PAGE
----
Challenges you may face
The process of adopting a child from overseas can be long and difficult. To help you make an informed choice about intercountry adoption we have listed some of the challenges.
Arrangements with partner countries can change
The nature of intercountry adoption with partner countries mean that there can be changes both in the overseas country and in Australia. These can include:
- longer waiting times
- increase in fees
- changes to the criteria you need to meet
An intercountry arrangement may at any time be:
- placed on hold
Arrangements with partner countries can be affected by:
- the number of children available for adoption
- the number of applications received globally
- the resources a country has for intercountry adoption
- the social, political and cultural context in overseas countries
No guarantee a child will be placed with you
Even if a country has accepted your application there is no guarantee that you will be matched with a child.
While your state and territory central authority (STCA) does its best to provide up-to-date information, on some occasions a partner country may choose to place a hold on adoptions, or suspend or close an arrangement at short notice.
If changes mean you no longer meet a country’s eligibility criteria, your STCA will let you know.
Incomplete or inaccurate information about a child’s background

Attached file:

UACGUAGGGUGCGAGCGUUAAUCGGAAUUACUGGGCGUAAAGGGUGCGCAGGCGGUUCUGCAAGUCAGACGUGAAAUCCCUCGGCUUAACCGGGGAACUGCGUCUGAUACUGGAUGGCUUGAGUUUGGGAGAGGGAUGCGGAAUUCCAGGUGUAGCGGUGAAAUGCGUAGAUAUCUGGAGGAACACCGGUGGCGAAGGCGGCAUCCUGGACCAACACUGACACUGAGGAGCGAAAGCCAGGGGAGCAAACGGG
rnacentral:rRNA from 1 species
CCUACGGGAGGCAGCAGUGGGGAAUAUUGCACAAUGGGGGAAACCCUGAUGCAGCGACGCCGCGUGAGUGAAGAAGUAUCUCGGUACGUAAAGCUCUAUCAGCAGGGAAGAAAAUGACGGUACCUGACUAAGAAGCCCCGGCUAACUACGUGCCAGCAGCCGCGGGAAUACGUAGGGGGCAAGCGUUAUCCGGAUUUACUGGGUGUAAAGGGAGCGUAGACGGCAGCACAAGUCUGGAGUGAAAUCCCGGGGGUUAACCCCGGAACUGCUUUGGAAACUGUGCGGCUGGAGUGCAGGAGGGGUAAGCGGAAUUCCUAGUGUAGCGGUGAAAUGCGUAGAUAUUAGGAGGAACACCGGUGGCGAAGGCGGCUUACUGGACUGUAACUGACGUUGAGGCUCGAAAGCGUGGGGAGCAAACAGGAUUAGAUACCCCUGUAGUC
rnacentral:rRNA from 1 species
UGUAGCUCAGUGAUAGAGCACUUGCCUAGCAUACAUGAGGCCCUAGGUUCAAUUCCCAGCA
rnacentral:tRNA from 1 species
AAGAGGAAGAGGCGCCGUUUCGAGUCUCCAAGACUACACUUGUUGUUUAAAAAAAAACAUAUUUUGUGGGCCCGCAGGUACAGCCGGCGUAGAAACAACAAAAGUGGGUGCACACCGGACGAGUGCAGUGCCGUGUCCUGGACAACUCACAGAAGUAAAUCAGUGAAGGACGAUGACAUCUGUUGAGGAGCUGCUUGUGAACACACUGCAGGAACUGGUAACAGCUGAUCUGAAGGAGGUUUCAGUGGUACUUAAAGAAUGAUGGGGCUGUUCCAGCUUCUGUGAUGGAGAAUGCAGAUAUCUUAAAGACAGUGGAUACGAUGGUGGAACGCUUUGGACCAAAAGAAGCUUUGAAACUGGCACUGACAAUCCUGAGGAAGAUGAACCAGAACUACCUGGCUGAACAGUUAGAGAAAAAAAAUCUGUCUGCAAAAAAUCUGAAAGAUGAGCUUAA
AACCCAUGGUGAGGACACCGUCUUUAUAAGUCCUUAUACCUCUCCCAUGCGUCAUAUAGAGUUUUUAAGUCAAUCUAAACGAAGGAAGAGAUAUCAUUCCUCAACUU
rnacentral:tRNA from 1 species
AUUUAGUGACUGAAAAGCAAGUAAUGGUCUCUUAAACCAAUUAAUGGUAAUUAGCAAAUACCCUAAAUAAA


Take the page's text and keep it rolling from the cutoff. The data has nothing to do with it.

Sometimes, information on a child’s background is not available or the child’s country of birth provides incomplete or inaccurate information about their age, health and background.
There are many reasons for this:
- the child’s birth country may have limited capacity to investigate and assess the child’s circumstances
- stigma around children born to unmarried parents. This can result in abandoned children and lack of information provided to protect unwed mothers
- the child’s circumstances may be misrepresented, as people may think that a younger child with an uncomplicated social and medical background has a greater chance of being adopted
Your STCA will give you all available information on a child and encourages partner countries to maintain high standards. It’s possible that more information about a child will become available over time. This new information may add to or contradict information you already have.
As a result, a child could arrive with the following undiagnosed problems or conditions:
- behavioural and/or
The adoption could collapse
On rare occasions, adoptions can breakdown. This can be due to complications with bonding and attachment between you and your child.